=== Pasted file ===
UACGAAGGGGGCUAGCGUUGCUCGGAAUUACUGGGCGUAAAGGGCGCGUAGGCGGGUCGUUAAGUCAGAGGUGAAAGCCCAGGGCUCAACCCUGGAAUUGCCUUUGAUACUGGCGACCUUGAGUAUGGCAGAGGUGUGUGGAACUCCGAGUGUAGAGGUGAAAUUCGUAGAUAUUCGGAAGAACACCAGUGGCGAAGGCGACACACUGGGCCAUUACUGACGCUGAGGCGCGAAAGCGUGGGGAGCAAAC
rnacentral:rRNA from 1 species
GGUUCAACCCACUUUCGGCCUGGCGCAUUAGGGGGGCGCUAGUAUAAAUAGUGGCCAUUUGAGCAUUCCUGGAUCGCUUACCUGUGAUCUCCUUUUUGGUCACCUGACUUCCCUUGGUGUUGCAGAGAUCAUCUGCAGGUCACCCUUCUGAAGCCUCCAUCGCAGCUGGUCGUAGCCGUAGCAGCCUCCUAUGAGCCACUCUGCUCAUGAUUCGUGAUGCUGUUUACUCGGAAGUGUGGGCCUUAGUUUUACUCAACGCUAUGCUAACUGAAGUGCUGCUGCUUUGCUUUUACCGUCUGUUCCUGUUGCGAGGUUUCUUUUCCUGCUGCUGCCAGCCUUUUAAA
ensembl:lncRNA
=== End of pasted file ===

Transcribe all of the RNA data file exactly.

UACGAAGGGGGCUAGCGUUGCUCGGAAUUACUGGGCGUAAAGGGCGCGUAGGCGGGUCGUUAAGUCAGAGGUGAAAGCCCAGGGCUCAACCCUGGAAUUGCCUUUGAUACUGGCGACCUUGAGUAUGGCAGAGGUGUGUGGAACUCCGAGUGUAGAGGUGAAAUUCGUAGAUAUUCGGAAGAACACCAGUGGCGAAGGCGACACACUGGGCCAUUACUGACGCUGAGGCGCGAAAGCGUGGGGAGCAAAC
rnacentral:rRNA from 1 species
GGUUCAACCCACUUUCGGCCUGGCGCAUUAGGGGGGCGCUAGUAUAAAUAGUGGCCAUUUGAGCAUUCCUGGAUCGCUUACCUGUGAUCUCCUUUUUGGUCACCUGACUUCCCUUGGUGUUGCAGAGAUCAUCUGCAGGUCACCCUUCUGAAGCCUCCAUCGCAGCUGGUCGUAGCCGUAGCAGCCUCCUAUGAGCCACUCUGCUCAUGAUUCGUGAUGCUGUUUACUCGGAAGUGUGGGCCUUAGUUUUACUCAACGCUAUGCUAACUGAAGUGCUGCUGCUUUGCUUUUACCGUCUGUUCCUGUUGCGAGGUUUCUUUUCCUGCUGCUGCCAGCCUUUUAAA
ensembl:lncRNA